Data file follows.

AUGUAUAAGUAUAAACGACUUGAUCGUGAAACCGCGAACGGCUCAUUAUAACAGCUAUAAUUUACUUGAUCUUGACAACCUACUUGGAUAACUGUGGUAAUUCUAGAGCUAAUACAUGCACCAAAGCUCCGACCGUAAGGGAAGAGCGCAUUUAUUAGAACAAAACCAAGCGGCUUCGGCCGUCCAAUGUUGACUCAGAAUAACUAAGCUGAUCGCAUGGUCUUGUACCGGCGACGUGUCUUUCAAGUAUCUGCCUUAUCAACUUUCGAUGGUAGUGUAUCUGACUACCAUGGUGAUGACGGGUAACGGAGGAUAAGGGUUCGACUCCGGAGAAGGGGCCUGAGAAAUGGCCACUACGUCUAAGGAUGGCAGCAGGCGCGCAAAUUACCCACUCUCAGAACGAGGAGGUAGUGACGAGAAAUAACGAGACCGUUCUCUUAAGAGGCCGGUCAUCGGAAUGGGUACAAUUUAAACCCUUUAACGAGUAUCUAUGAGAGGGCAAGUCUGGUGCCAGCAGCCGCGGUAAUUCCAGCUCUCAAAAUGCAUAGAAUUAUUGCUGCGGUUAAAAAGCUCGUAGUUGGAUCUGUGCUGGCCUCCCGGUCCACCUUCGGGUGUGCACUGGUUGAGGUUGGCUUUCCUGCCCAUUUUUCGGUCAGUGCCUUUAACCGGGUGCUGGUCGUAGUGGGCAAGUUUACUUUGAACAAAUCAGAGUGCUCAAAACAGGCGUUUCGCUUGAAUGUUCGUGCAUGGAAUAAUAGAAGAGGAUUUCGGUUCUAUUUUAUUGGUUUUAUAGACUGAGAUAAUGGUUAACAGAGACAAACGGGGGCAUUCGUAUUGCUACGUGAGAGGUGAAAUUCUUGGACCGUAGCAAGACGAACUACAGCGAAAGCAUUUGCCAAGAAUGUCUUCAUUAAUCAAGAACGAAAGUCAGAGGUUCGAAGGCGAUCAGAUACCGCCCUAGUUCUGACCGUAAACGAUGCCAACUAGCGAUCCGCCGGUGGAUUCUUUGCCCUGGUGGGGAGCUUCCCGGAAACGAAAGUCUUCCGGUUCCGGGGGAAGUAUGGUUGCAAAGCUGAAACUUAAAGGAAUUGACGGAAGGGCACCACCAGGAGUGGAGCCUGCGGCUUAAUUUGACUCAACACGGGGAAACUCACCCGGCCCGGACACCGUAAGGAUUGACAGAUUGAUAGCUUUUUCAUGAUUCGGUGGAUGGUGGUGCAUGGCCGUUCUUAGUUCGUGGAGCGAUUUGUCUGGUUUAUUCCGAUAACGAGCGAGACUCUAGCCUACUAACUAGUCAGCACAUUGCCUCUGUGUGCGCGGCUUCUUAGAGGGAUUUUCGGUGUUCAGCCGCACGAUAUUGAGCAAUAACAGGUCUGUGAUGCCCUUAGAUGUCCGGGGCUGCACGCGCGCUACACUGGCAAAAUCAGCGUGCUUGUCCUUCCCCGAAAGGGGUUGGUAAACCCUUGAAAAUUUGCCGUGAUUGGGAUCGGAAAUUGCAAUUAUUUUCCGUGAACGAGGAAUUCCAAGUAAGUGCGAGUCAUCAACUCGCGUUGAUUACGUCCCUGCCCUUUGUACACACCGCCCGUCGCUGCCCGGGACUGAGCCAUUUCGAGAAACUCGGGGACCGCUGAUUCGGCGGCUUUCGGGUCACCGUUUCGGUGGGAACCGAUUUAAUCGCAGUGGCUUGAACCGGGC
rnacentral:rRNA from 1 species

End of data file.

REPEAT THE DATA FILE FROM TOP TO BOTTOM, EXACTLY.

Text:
AUGUAUAAGUAUAAACGACUUGAUCGUGAAACCGCGAACGGCUCAUUAUAACAGCUAUAAUUUACUUGAUCUUGACAACCUACUUGGAUAACUGUGGUAAUUCUAGAGCUAAUACAUGCACCAAAGCUCCGACCGUAAGGGAAGAGCGCAUUUAUUAGAACAAAACCAAGCGGCUUCGGCCGUCCAAUGUUGACUCAGAAUAACUAAGCUGAUCGCAUGGUCUUGUACCGGCGACGUGUCUUUCAAGUAUCUGCCUUAUCAACUUUCGAUGGUAGUGUAUCUGACUACCAUGGUGAUGACGGGUAACGGAGGAUAAGGGUUCGACUCCGGAGAAGGGGCCUGAGAAAUGGCCACUACGUCUAAGGAUGGCAGCAGGCGCGCAAAUUACCCACUCUCAGAACGAGGAGGUAGUGACGAGAAAUAACGAGACCGUUCUCUUAAGAGGCCGGUCAUCGGAAUGGGUACAAUUUAAACCCUUUAACGAGUAUCUAUGAGAGGGCAAGUCUGGUGCCAGCAGCCGCGGUAAUUCCAGCUCUCAAAAUGCAUAGAAUUAUUGCUGCGGUUAAAAAGCUCGUAGUUGGAUCUGUGCUGGCCUCCCGGUCCACCUUCGGGUGUGCACUGGUUGAGGUUGGCUUUCCUGCCCAUUUUUCGGUCAGUGCCUUUAACCGGGUGCUGGUCGUAGUGGGCAAGUUUACUUUGAACAAAUCAGAGUGCUCAAAACAGGCGUUUCGCUUGAAUGUUCGUGCAUGGAAUAAUAGAAGAGGAUUUCGGUUCUAUUUUAUUGGUUUUAUAGACUGAGAUAAUGGUUAACAGAGACAAACGGGGGCAUUCGUAUUGCUACGUGAGAGGUGAAAUUCUUGGACCGUAGCAAGACGAACUACAGCGAAAGCAUUUGCCAAGAAUGUCUUCAUUAAUCAAGAACGAAAGUCAGAGGUUCGAAGGCGAUCAGAUACCGCCCUAGUUCUGACCGUAAACGAUGCCAACUAGCGAUCCGCCGGUGGAUUCUUUGCCCUGGUGGGGAGCUUCCCGGAAACGAAAGUCUUCCGGUUCCGGGGGAAGUAUGGUUGCAAAGCUGAAACUUAAAGGAAUUGACGGAAGGGCACCACCAGGAGUGGAGCCUGCGGCUUAAUUUGACUCAACACGGGGAAACUCACCCGGCCCGGACACCGUAAGGAUUGACAGAUUGAUAGCUUUUUCAUGAUUCGGUGGAUGGUGGUGCAUGGCCGUUCUUAGUUCGUGGAGCGAUUUGUCUGGUUUAUUCCGAUAACGAGCGAGACUCUAGCCUACUAACUAGUCAGCACAUUGCCUCUGUGUGCGCGGCUUCUUAGAGGGAUUUUCGGUGUUCAGCCGCACGAUAUUGAGCAAUAACAGGUCUGUGAUGCCCUUAGAUGUCCGGGGCUGCACGCGCGCUACACUGGCAAAAUCAGCGUGCUUGUCCUUCCCCGAAAGGGGUUGGUAAACCCUUGAAAAUUUGCCGUGAUUGGGAUCGGAAAUUGCAAUUAUUUUCCGUGAACGAGGAAUUCCAAGUAAGUGCGAGUCAUCAACUCGCGUUGAUUACGUCCCUGCCCUUUGUACACACCGCCCGUCGCUGCCCGGGACUGAGCCAUUUCGAGAAACUCGGGGACCGCUGAUUCGGCGGCUUUCGGGUCACCGUUUCGGUGGGAACCGAUUUAAUCGCAGUGGCUUGAACCGGGC
rnacentral:rRNA from 1 species